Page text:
Stitching for unity with the American Women’s Association
Time Out Bahrain staff
A few months back we told you about the big American Women’s Association (AWA) quilt project, now we bring you the result which is going on show across the country.
The idea for the quilt was launched in collaboration with the Ministry of Social Development, spearheaded by the AWA and run under the umbrella of the Wehda Wahda (Let’s Unite) campaign.
Aimed at bringing together Bahrain’s communities the idea was to encourage Bahrainis, residents and expats to get involved to produce something beautiful reflecting all the country’s different backgrounds, sects and religions.
During the course of the project, training sessions were provided to bring together underprivileged Bahraini women to teach them how to make quilts and enhance their skills.
“Women are the backbone and the silent strength of society, so helping them helps the whole society. A part of the project is women’s empowerment, so we wanted to teach underprivileged women how to make quilts so that they can make a living out of it,” said Jarna Jeet, chairperson to the Quilt Project.
There were two aspects to the project, unity and empowerment, and the AWA feels it’s achieved both and has established a long-term goal both with the short-term training of Bahraini women and, for the long term, the knowledge that this is continuing with some projects which took part continuing to teach quilting and getting locals involved.
Now the quilt has been completed with approximately 90 blocks - 3.2m in height and 11.5m in length - and after touring the island will go on show at Bahrain National Museum.
Here’s what some of the quilters said.
Ameena Mohamed Ebrahim Khan (part of a women’s group which made several quilt blocks) We had the idea to present a block that shows our national culture, especially at the time of the anniversary of the constitution, that we are proud with and for our beloved kingdom and the wise leadership. Co-operation is the principle that we are proud of and working together with people from different nationalities gave us a new understanding. Also working together with other Bahraini ladies from different areas of the country gave us the opportunity to exchange experiences.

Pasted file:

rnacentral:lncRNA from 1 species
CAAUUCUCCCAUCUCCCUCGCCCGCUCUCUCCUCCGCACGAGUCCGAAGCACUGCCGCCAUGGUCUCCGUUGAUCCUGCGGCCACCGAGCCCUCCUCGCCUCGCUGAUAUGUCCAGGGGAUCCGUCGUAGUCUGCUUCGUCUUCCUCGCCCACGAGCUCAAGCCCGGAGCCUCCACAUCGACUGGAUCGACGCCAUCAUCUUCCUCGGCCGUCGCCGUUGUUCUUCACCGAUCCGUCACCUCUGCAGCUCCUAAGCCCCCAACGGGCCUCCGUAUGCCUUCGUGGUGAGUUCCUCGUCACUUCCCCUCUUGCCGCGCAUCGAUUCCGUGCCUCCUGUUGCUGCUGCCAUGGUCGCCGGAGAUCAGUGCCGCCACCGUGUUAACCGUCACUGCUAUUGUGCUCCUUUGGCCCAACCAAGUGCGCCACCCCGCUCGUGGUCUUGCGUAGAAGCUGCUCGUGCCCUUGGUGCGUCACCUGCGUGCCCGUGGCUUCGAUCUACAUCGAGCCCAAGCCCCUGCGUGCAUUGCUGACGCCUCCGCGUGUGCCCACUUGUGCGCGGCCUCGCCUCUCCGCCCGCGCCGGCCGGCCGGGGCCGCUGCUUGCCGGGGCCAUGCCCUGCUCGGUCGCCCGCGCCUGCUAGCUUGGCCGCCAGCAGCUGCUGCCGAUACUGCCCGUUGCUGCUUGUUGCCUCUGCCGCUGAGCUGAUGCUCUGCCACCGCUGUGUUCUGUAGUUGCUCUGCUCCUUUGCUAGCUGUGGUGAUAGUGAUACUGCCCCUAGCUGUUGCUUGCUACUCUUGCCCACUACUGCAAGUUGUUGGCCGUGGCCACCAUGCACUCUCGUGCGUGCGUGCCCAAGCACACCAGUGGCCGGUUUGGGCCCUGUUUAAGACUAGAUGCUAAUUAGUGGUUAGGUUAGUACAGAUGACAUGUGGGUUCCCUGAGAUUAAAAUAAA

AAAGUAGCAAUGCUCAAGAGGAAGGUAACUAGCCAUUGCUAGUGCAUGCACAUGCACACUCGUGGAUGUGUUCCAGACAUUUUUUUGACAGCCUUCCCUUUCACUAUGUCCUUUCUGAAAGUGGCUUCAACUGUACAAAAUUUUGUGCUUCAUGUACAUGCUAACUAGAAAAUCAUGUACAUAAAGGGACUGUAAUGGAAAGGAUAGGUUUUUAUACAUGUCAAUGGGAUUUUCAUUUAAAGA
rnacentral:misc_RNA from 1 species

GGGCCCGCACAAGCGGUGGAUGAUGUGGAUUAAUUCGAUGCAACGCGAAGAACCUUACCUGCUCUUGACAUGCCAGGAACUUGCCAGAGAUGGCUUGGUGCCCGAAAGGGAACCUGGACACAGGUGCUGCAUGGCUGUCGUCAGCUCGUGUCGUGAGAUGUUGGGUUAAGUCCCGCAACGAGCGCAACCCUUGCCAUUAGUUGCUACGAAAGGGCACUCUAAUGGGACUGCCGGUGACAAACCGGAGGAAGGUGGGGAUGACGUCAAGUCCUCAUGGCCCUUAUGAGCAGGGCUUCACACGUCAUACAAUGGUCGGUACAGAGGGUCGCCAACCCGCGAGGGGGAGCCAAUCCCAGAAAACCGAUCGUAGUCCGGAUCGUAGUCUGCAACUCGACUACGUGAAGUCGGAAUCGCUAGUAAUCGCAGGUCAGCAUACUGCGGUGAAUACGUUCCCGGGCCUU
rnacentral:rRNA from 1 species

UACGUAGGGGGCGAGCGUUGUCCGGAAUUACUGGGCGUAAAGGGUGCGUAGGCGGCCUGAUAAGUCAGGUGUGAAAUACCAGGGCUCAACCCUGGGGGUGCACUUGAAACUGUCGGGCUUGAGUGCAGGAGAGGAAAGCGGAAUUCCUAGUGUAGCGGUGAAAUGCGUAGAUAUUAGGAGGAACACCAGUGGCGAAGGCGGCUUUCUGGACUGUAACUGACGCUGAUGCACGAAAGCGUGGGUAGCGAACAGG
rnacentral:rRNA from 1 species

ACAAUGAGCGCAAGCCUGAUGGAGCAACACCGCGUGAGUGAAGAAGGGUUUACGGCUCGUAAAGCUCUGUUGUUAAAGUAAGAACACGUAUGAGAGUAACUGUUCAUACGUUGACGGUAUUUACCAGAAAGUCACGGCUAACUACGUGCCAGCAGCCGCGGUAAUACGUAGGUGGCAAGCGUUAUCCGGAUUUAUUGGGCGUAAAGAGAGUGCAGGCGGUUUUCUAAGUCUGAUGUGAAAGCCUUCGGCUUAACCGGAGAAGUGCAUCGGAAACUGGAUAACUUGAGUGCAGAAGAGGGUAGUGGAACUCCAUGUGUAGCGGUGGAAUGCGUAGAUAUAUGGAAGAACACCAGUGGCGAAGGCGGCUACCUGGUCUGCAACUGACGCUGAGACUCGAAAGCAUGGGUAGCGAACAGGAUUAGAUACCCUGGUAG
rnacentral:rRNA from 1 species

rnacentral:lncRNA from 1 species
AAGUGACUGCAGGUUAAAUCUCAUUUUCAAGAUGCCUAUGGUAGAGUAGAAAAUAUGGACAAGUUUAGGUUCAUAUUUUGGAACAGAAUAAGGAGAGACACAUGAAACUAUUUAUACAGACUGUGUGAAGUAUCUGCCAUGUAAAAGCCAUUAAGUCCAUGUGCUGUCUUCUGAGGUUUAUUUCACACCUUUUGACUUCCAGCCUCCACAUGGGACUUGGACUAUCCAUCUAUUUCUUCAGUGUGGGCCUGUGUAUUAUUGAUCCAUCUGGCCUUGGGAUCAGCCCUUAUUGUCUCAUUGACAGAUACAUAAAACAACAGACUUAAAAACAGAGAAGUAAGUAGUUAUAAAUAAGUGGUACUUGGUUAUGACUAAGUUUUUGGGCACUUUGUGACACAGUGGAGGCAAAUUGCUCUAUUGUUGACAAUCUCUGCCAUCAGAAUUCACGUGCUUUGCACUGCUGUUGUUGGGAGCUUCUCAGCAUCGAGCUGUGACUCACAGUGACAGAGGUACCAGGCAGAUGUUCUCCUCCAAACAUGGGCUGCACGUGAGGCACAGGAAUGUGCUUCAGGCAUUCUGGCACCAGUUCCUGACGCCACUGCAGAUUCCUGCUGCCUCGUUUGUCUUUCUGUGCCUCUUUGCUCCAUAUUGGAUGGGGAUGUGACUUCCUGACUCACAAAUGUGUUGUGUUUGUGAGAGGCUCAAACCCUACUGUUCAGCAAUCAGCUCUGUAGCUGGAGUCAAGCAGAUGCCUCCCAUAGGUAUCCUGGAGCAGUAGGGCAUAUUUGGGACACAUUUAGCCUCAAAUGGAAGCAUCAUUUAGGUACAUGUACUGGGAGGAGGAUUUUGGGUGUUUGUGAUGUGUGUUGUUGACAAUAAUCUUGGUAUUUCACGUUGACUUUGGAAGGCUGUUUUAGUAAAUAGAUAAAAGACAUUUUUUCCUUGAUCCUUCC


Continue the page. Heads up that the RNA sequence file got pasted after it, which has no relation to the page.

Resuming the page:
Asuntha Anthony (nurse at Salmaniya Hospital) Thank you for encouraging me to make this block a successful one. My heart felt inspiration from Bahrain and its people to help the sickle cell disease patients who suffer and die. I would like to encourage people to help sickle cell disease patients by donating blood. Thank you all and may your workshops continue forever.
Cypriot Consulate We wanted to create a design which would highlight similarities between Bahrain and Cyprus, both countries being islands have the sea and its related activities playing a significant role in their history, culture and industry. As our central theme we selected the sail monument which is dedicated to one of Bahrain’s most important industries, pearl diving. For our border we wanted to incorporate the olive branch from the Cypriot flag and the palm branch commonly seen in Bahrain, both symbols of peace, wisdom and triumph.
Boy Scouts of America Boys from each off the four patrols in the island’s troop took part in designing their block. They said: “Knowing that the quilt will be part of a bigger quilt that will unite Bahrain, it gave me a feeling of fulfillment.” “I was proud to have been part of and give my contribution to the project, I am pleased with the result and think it looks good..”